According to some historians, the guitar was introduced into Romania during the 16th century. At first it was a musical instrument of the upper classes. Only 150 years ago, people still thought that well educated ladies should learn to play in effort to entertain family guests. At the same time, the guitar became popular and was taken up by musicians in small traditional groups in Oltenia (to the south) and in Maramures (in the extreme north west of the country). In Oltenia, the guitar replaced the local folk lute called the cobzã. In Maramures, where it does not seem to have replaced any previous instrument, the guitar was called the zongorã. This name means "piano" in Hungarian and is further testimony to its "serious" origin.

Rural musicians have transformed the guitar-zongorã into a harmony and rhythm accompanying instrument. This functional development has had an impact on its tuning, the way the instrument is held and its playing technique. The zongorã has only three or four strings (at the beginning of the century it had two), tuned in major tuning (at the beginning of the century it was tuned in perfect fifths). I Read More

According to some historians, the guitar was introduced into Romania during the 16th century. At first it was a musical instrument of the upper classes. Only 150 years ago, people still thought that well educated ladies should learn to play in effort to entertain family guests. At the same time, the guitar became popular and was taken up by musicians in small traditional groups in Oltenia (to the south) and in Maramures (in the extreme north west of the country). In Oltenia, the guitar replaced the local folk lute called the cobzã. In Maramures, where it does not seem to have replaced any previous instrument, the guitar was called the zongorã. This name means "piano" in Hungarian and is further testimony to its "serious" origin.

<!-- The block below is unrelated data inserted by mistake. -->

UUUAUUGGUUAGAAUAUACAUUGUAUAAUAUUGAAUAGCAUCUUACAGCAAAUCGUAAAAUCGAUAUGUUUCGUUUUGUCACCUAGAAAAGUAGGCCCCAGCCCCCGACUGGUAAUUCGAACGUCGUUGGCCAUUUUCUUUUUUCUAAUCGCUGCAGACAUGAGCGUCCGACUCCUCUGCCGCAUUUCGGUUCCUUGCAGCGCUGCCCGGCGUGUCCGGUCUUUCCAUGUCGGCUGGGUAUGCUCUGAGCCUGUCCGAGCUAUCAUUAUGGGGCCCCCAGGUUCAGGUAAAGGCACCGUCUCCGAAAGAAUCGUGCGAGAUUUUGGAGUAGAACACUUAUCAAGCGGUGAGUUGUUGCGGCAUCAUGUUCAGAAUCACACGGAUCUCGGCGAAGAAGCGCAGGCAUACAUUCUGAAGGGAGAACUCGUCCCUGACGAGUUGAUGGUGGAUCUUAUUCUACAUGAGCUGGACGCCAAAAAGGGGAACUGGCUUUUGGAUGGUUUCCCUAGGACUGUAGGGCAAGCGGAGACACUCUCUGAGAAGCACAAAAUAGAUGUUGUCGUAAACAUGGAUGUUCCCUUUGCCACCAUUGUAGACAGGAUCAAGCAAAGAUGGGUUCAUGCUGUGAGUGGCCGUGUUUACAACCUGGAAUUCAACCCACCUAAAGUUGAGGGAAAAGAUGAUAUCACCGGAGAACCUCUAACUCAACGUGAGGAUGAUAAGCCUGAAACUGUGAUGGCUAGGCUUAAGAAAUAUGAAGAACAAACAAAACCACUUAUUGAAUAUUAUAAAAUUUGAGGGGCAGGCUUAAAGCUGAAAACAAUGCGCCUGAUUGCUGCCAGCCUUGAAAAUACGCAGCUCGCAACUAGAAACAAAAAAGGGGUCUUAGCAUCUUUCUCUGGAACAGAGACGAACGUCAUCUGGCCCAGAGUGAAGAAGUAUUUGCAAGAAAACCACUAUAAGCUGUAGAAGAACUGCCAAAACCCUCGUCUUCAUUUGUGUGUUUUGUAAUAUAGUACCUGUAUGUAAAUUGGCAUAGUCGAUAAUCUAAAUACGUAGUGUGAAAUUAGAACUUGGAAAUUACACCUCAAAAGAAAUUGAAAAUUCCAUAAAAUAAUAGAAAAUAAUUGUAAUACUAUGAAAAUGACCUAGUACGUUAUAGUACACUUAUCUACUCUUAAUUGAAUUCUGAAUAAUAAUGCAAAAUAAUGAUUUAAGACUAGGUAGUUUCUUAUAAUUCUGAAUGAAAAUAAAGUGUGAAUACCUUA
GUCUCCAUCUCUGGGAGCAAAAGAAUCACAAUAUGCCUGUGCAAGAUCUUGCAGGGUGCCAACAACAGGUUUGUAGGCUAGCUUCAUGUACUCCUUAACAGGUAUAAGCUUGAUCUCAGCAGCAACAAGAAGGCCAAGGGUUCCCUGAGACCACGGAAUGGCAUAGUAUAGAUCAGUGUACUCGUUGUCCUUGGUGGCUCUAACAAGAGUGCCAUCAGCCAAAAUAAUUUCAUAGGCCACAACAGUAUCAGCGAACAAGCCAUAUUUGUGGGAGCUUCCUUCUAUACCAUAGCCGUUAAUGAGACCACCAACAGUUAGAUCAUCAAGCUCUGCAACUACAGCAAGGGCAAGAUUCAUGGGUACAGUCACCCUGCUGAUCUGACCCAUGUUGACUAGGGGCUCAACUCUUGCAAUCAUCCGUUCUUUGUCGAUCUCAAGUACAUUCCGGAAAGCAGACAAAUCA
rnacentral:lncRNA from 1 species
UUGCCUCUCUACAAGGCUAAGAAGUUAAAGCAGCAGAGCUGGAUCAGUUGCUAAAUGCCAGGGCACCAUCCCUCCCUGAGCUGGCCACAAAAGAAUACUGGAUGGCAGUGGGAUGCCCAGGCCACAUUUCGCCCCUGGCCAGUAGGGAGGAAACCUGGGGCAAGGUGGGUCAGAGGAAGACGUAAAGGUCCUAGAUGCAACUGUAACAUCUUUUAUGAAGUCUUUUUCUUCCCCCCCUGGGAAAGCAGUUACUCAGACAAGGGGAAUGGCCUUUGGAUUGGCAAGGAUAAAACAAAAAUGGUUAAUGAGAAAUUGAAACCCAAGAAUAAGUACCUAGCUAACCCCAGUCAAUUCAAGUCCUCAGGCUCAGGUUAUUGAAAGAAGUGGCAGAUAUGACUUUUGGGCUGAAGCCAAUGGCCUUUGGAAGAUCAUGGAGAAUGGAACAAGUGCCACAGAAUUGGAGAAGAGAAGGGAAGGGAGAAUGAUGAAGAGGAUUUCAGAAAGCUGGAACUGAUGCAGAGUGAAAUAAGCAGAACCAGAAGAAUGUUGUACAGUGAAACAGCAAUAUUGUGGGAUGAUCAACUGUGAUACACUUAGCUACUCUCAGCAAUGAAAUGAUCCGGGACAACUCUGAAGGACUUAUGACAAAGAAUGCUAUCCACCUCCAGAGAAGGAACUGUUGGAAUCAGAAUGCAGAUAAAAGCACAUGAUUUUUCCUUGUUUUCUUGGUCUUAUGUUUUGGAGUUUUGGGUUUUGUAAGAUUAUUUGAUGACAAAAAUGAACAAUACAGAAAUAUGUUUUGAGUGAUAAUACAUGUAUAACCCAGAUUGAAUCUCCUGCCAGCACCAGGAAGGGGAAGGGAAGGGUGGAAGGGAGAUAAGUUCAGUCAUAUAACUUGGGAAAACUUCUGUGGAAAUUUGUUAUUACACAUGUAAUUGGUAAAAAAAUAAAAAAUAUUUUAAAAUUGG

Rural musicians have transformed the guitar-zongorã into a harmony and rhythm accompanying instrument. This functional development has had an impact on its tuning, the way the instrument is held and its playing technique. The zongorã has only three or four strings (at the beginning of the century it had two), tuned in major tuning (at the beginning of the century it was tuned in perfect fifths). In order to obtain successions of three-note chords, zongorã musicians press the instrument firmly against their side or left knee, move the index finger of the left hand up and down the neck, thereby changing the note, and strike the strings with a pick or plectrum. Today, no one can imagine that the guitar-zongorã could have ever played tunes since musicians now only know how to play rhythm backup, mainly for dance tunes.



© 1999, CHIN. All Rights Reserved.

Zongorã: Audio

Zongorã: Audio

Canadian Heritage Information Network
Canadian Heritage Information Network, Centre des recherches et études andalouses, Centre des musiques arabes et méditerranéennes Ennejma Ezzahra, Musée de la musique, Laboratoire de recherche des musiques du monde, Musée acadien de l'Université de Moncton, Canadian Museum of Civilization, Musée d'art et d'archéologie de l'Université d'Antananarivo, Musée ethnographique Alexandre Sènou Adande, Musée national du Mali, St. Boniface Museum, Lycée de langues étrangères Alexandre Dumas, Museum of the Romanian Peasant

© 1999, CHIN. All Rights Reserved.


Learning Objectives

The learner will:

  • Understand that music is an expression in all cultures
  • Understand that the relationship between personal feelings and music transcends borders and cultures
  • Develop respect for music from a variety of cultural contexts
  • Examine traditional music practices in selected Francophone countries
  • Demonstrate geographical awareness by identifying Francophone countries
  • Be aware of the musical contributions of various cultural groups in their own community
  • Understand that all world music can be organized within a standard classification system